‘Tis the season to watch How the Grinch Stole Christmas, so a blog about Whoville seems timely. Plus I love it when a book makes a simple but potentially life-changing point.
That happened for me this week with Dan Sullivan’s new book, Who Not How. Rather than asking yourself, “How can I achieve this vision or address this problem?” how might it change your approach to ask, “Who can help me reach this goal or solve this problem?” Can you hear how that switches the issue from occupying mind space in your head to taking up residence in someone else’s? (Ideally, someone who is far better equipped to find a solution than you are?) Your job becomes casting a compelling vision of the desired impact rather than figuring out the path to get there, then recruiting skilled help.
The power of this approach was brought home to me soon after reading the book. (Don’t you find we often learn something by seeing its opposite?) It occurred twice in rapid succession. In the first case, I was working with someone who had skilled Whos in the room, but was so stuck in figuring out the How herself that she did not access their expertise. In the second, the person was so tense about an outcome that she tightened her grip on the process to get there, despite not feeling confident about that process, which made it worse. These experiences reminded me that it is not enough to surround ourselves with capable Whos. We also need to be willing to take full advantage of their superpowers. Let those who know the how figure it out. Isn’t that what we’re craving anyway?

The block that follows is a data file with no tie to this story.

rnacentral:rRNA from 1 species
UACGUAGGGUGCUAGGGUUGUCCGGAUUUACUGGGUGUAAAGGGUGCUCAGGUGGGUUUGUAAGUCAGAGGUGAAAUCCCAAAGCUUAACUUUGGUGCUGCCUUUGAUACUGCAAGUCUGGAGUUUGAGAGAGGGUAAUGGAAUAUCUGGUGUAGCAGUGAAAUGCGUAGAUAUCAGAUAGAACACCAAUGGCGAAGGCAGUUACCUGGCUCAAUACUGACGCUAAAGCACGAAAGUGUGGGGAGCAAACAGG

How often is a solution right in front of us, yet we fail to see it because we are too busy fretting about the problem?
Stress over the high stakes of an outcome can cause us to hold on too tightly to the path to get there. Releasing our grip can feel counterintuitive, but there is freedom to be found in doing so. Better results, and considerable relief, come from surrendering the How to competent Whos.
One Reply to “Let Your Whos Handle the How”
This is a very provocative article Rebecca. It is causing me to really think about engagement, both as a member of a Board as well as an instructor of learning. I believe that when you ask a good question, you receive a better response and this article sums that up quite nicely, yet again. Thank you.